[joe-frank-list] what's real, what's not

Tom McDonald awkwardgrace at yahoo.com
Fri Sep 18 23:03:27 PDT 2020

I do agree that "Figuring out what's real is sometimes part of the fun.” 

It’s also fun to consider what were real transgressions on Joe’s part—violations of privacy, violations of copyright law for example. If any. And if there were, how does or doesn’t it change one’s opinion of the shows or of the man. 

An interesting facet of his programs are the use of Jack Kornfield dharma talks (if that’s the right term) as a part of the tapestry. I remember rolling my eyes at these Jack Kornfield segments when I was first getting know Joe Frank's body of work—not that I knew who Jack Kornfield was back then, or cared. I only wished the show would get back to the perversions and the darkness and the emotional turmoil of the other segments. I thought Frank was inserting this Kornfield/Mindfulness stuff to parody the Northern California zeitgeist. A cynic move, a comment on that culture's self-congratulatory elitist bent as it were, so out of touch with urban or working class realities, and so on and so forth. But eventually I realized there was something worthwhile in the Jack Kornfield segments. I began to look forward to Kornfield's musical voice and his unusual cadence. I sought out Jack K audio books and printed books and other forms. And I think coming to take that stuff seriously did me some good, though I don’t engage with it much any more. I imagine Joe Frank found the Kornfield material to be valuable too, but I don’t know.

But the issue is did he violate Kornfield's copyright, steal his intellectual property? I once heard an interviewer ask Kornfield about Joe Frank’s use of his material. Kornfield said “Who is Joe Frank?” He appeared not to know or care. I honestly find it hard to believe that Kornfield was unaware of it. I find it equally hard to believe he was aware of it and let it take place. (Dang, I wish I made a note of who ran that interview—it might have been a podcast. This was more than 5 years ago, perhaps closer to ten years ago.)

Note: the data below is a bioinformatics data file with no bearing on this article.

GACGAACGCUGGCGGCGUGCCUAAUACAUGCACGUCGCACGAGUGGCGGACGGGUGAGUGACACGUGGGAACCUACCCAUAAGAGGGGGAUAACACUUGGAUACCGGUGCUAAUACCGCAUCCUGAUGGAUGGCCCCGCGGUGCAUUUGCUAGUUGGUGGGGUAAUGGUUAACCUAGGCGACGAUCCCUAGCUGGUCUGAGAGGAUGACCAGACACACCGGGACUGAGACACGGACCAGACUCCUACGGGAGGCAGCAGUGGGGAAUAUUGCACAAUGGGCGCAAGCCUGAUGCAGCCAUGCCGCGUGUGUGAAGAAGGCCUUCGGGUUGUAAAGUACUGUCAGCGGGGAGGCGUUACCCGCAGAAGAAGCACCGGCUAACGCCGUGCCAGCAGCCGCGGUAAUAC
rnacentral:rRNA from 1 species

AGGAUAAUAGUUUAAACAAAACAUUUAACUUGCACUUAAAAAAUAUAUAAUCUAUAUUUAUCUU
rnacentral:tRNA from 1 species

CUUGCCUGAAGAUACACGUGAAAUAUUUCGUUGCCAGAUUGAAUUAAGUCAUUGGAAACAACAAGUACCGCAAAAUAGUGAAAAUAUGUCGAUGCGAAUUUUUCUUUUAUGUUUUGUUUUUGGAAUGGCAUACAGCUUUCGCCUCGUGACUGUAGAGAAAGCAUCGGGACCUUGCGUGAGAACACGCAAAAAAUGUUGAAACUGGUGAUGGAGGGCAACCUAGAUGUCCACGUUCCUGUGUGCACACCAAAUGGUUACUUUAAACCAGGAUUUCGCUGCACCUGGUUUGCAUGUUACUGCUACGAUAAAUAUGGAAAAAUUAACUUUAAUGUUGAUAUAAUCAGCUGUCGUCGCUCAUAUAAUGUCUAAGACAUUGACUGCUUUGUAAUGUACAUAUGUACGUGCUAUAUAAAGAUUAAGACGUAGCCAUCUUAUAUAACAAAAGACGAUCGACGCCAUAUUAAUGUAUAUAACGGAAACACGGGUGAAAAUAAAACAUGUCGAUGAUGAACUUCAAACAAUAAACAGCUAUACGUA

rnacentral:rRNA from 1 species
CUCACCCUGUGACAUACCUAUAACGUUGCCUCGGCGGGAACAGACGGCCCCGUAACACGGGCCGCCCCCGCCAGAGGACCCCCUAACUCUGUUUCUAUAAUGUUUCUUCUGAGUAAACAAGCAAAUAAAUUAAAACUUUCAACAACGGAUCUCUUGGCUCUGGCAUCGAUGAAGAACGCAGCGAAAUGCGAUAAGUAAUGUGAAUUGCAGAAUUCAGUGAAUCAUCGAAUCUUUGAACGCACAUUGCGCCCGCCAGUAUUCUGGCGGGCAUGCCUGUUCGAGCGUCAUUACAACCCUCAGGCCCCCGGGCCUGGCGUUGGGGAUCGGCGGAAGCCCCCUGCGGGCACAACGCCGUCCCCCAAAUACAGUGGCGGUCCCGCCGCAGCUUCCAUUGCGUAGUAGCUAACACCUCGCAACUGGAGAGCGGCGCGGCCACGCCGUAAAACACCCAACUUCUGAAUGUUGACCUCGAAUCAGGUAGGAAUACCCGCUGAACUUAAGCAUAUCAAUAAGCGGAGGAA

But perhaps there’s no issue—perhaps Joe had permission from Korfield’s publisher, or had legal counsel saying his use was protected under Fair Use provisions of copyright law. Were the stations that broadcast his shows put at risk from a legal angle (if Kornfield or his publishers decided to take action)? Dunno.  

Similarly did JF have permission for the music he used? I imagine so. But I do wonder. I like artists that raise these sorts of questions. 

> On Sep 18, 2020, at 5:12 AM, russellbell at gmail.com wrote:
> 	Quoth Sander Antoniades:
>        'Figuring out what's real is sometimes part of the fun. Like
> you the one with dogs haunts me a little and the other which oddly
> sticks with me is did that Russian guy who needed help from the Jewish
> community ever get circumcised?'
> 	Refused it, so I figured it; about 12 minutes into 'Prison
> Songs'.
>       'Another question is about Joe's true story about After Hours,
> why does he get unofficial credit at least in IMDB?'
> 	They cribbed one of his stories
> http://andrewhearst.com/blog/2008/05/the_scandalous_origins_of_martin_scorseses_after_hours
> 	'He goes on in No Show about it, but what makes it extra odd
> is how Larry Block got a role in it and did they know each other at
> the time.'
> 	Larry appears in 'Warheads' (1983); 'After hours' was made in
> 1985.  Larry got a lot of work, mostly small roles.
>        'Thanks for keeping this list alive!'
> 	You're welcome!  Little help?
> russell bell
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